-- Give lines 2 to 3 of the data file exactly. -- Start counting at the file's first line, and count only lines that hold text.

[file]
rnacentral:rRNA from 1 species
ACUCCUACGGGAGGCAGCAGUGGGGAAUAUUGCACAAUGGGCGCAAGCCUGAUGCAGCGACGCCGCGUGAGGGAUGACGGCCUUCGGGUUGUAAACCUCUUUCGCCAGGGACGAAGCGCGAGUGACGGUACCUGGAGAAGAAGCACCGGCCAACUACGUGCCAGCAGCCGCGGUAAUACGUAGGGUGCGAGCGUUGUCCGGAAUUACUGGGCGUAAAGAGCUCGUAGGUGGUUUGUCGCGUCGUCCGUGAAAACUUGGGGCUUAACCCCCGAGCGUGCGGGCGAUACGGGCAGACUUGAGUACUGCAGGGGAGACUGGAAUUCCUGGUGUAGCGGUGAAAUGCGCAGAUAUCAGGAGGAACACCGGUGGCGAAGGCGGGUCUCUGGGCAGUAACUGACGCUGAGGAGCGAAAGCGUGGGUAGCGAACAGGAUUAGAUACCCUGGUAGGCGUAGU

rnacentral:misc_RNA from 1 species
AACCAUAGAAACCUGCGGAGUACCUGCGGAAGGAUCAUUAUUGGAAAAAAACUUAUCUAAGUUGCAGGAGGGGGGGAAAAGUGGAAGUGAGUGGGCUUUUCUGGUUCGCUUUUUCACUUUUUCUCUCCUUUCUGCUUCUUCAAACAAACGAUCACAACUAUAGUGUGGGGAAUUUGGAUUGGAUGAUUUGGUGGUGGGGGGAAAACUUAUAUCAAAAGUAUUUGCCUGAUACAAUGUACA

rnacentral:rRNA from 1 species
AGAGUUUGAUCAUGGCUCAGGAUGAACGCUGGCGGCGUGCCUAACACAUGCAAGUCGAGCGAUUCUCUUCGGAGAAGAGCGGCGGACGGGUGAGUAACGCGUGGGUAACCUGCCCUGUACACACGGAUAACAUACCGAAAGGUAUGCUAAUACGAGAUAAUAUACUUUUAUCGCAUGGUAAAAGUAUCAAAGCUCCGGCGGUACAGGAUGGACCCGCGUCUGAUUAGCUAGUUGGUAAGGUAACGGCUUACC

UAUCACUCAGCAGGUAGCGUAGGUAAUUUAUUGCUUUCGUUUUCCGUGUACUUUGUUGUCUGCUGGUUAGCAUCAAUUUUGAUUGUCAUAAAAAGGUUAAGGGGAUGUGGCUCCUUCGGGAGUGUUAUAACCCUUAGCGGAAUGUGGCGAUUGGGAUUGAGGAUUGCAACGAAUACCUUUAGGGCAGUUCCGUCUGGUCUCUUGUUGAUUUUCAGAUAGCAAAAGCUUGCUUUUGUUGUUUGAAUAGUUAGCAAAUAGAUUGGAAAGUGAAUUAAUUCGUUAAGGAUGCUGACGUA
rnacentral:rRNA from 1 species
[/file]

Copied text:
ACUCCUACGGGAGGCAGCAGUGGGGAAUAUUGCACAAUGGGCGCAAGCCUGAUGCAGCGACGCCGCGUGAGGGAUGACGGCCUUCGGGUUGUAAACCUCUUUCGCCAGGGACGAAGCGCGAGUGACGGUACCUGGAGAAGAAGCACCGGCCAACUACGUGCCAGCAGCCGCGGUAAUACGUAGGGUGCGAGCGUUGUCCGGAAUUACUGGGCGUAAAGAGCUCGUAGGUGGUUUGUCGCGUCGUCCGUGAAAACUUGGGGCUUAACCCCCGAGCGUGCGGGCGAUACGGGCAGACUUGAGUACUGCAGGGGAGACUGGAAUUCCUGGUGUAGCGGUGAAAUGCGCAGAUAUCAGGAGGAACACCGGUGGCGAAGGCGGGUCUCUGGGCAGUAACUGACGCUGAGGAGCGAAAGCGUGGGUAGCGAACAGGAUUAGAUACCCUGGUAGGCGUAGU

rnacentral:misc_RNA from 1 species